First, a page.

The Greek crisis: opportunity for Greek to rebirth The dubious distinction of history’s first recorded sovereign default belongs to Greece—the same nation at the forefront of the world’s second major financial crisis in five years. The crisis raised a question: Whether the crisis is a tragedy or opportunity for Greek? I believe even Greek have taken measures to reform, this crisis would continue until Greek government come up with solutions which are not created by other countries and international institutions to protect their benefits. Trouble in Public Finance Greece faced deep economic problems.
Most notorious was public-sector deficit. (See Exhibit 1) The debt-to-GDP ratio measures a country’s ability to pay off the entire debt with one year’s income, regardless of the nation’s wealth or total debt outstanding. Exhibit 4 shows the possibility that Greeck default is increasing. Two most outsized component of government expenditure were employee compensation and pensions. Greek government has taken austerity measures to reduce the deficit and meet the request of the international institutions who provide financial aid to Greece. The weaknesses of the economic model
The global economic crisis of 2008 has found the Greek economy with several fundamental weaknesses: • Reliance on ‘easy money’ (such as from the stock market or property), as well as on over-inflated private consumption, which has in turn relied on loans in recent years. • The disproportionately central role of construction as the ‘driving force of the economy’ dating back to the 1960s. • Particularly high public debt, which remains undiminished despite the widespread privatisations of the last 20 years. • Over-reliance on sectors directly affected by the international crisis, such as tourism and shipping. Excessive dependence on oil consumption, an energy-wasting, pollution-generating energy model and the prospect of high-cost ‘emissions rights’ from 2012 onwards. • Abandonment of mountainous and disadvantaged regions, which represent two thirds of the country, and overcrowding and overuse in the remaining third. • An absence of genuine protection of natural resources in sectors such as water, forest land, fisheries resources and the countryside and biodiversity. proposals to exit the crisis A fundamental priority is TO SIMULTANEOUSLY INVEST IN THE EXIT FROM ALL THREE ASPECTS OF THE CRISIS: the economic, the social and the environmental.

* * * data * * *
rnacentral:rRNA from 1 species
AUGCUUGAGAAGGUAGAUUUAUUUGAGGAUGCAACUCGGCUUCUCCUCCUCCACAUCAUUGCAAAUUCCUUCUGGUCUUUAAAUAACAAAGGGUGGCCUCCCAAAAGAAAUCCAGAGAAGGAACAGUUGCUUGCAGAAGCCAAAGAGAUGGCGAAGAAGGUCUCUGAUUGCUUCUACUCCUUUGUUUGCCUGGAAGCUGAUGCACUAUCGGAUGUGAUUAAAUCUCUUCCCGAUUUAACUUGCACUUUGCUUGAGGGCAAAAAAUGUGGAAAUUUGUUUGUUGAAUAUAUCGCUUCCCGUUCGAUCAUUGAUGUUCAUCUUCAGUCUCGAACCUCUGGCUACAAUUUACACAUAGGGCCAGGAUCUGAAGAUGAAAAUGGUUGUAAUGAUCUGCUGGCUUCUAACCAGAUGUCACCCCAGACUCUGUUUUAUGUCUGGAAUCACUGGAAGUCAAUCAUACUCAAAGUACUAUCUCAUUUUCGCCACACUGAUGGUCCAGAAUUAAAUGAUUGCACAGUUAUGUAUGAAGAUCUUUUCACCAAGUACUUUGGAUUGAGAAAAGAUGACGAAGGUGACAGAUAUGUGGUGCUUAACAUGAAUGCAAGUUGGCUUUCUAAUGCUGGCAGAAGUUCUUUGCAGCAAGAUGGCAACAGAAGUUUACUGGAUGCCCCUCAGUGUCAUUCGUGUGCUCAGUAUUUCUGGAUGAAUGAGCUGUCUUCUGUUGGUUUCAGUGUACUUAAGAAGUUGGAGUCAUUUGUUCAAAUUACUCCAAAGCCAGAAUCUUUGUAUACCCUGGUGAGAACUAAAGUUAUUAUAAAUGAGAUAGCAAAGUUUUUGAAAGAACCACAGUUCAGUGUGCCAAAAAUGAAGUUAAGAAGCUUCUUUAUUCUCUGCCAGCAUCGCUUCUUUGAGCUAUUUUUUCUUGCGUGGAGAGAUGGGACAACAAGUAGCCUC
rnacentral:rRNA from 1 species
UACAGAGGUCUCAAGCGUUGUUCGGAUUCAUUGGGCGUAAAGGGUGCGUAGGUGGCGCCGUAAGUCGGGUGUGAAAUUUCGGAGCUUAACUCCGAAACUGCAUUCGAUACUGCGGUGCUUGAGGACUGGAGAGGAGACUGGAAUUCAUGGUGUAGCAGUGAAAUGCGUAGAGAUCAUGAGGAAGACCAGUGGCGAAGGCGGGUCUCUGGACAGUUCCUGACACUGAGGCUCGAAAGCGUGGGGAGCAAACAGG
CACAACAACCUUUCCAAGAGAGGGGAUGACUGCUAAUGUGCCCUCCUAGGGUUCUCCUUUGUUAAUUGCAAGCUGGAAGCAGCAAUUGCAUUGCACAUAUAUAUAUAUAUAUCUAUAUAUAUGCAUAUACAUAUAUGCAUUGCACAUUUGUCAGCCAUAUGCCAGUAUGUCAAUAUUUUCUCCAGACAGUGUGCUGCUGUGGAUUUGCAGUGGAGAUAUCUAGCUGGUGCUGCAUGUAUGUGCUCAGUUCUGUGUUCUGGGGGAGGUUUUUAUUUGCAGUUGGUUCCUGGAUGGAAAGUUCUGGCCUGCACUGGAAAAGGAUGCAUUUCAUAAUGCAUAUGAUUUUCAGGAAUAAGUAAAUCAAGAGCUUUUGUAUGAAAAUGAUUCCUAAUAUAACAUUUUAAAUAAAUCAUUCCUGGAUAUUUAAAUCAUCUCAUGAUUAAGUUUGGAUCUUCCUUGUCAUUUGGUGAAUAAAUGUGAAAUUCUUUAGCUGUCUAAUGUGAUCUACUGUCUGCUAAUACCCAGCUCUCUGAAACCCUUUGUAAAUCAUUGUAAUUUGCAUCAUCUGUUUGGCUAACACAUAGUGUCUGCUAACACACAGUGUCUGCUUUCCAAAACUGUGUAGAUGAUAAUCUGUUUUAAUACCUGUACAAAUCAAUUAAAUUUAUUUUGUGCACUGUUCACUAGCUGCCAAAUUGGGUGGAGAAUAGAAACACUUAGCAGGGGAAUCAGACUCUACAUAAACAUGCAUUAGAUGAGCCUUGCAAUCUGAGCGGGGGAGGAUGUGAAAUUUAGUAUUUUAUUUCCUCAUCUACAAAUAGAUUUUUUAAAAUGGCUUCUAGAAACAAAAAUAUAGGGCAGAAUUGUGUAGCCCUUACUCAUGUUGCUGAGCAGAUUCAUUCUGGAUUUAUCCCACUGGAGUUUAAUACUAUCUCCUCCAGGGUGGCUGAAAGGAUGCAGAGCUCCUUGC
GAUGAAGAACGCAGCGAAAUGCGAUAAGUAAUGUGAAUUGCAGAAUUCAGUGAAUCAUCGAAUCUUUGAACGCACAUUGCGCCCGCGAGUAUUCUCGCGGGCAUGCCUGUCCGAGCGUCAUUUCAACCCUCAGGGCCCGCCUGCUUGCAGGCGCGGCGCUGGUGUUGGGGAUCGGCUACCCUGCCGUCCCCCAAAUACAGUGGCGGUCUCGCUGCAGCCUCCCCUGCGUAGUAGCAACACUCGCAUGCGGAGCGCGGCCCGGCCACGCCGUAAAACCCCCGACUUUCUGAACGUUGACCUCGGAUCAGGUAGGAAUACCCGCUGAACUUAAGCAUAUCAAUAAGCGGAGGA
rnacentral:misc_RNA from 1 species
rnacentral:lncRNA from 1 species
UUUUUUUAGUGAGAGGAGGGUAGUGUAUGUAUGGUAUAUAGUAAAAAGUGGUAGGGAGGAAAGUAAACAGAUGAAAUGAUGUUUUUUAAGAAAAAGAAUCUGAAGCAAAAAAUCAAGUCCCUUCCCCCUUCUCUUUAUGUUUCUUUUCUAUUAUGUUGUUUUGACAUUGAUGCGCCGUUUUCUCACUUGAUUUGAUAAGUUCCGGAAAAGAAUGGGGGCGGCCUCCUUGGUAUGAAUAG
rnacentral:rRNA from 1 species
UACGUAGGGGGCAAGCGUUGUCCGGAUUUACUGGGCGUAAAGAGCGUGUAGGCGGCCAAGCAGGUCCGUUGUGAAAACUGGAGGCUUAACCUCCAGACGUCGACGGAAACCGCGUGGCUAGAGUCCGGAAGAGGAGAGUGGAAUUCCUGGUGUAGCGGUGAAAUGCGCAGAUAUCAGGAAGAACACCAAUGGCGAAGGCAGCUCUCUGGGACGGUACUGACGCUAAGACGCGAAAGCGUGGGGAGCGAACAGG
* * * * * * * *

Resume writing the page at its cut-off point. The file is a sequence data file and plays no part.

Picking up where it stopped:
We focus on three basic priorities in parallel with the efforts for fiscal viability and the fight against corruption and tax evasion: • Sustainable revitalisation of the countryside, with emphasis in the production of biological agricultural goods, and resurgence of the local and regional level economy, including the abandoned mountainous and disadvantaged areas. • Promotion and upgrade of collective goods and services as compensation for the loss of purchasing power of people, in order for quality of life to become again a right for everyone as a kind of ‘parallel social wage’. Urgent turn in the energy sector to eliminate the dependence on oil and lignite, promotion of solutions alternative to car use, but also investments in energy saving and in renewable energy sources, drawn so that they offer additional incomes for the maximum possible number of households. Specific policies having these priorities need to be developed and applied in order to create funds and engage creative social forces: • A just tax reform that will use the taxes as tools for encouragement or not of activities depending on their repercussions on the environment and the society. Measures for transparency and fight against corruption and tax evasion should aim at the re-establishment of a sense of social justice. • Reduction of military spending and negotiations withTurkey for even larger mutual reductions. Given the Turkish candidacy for integration into the EU, it is logical to ssume that the EU should become more involved in the efforts to resolve Greek-Turkish differences. • The promotion of a social and solidarity economy is of central importance to us. The reconnection with the tradition of the ‘ecology of the poor’ becomes again particularly relevant. Exhibit 1

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